Special Collections
Book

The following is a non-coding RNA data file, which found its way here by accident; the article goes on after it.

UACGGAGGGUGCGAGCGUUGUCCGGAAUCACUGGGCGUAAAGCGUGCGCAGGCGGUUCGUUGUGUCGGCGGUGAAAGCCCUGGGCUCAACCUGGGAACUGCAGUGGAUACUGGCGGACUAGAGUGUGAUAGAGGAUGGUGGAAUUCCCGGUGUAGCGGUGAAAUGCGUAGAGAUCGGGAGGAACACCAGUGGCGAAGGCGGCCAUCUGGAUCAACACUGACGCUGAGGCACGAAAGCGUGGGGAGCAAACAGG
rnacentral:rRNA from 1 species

1 online resource.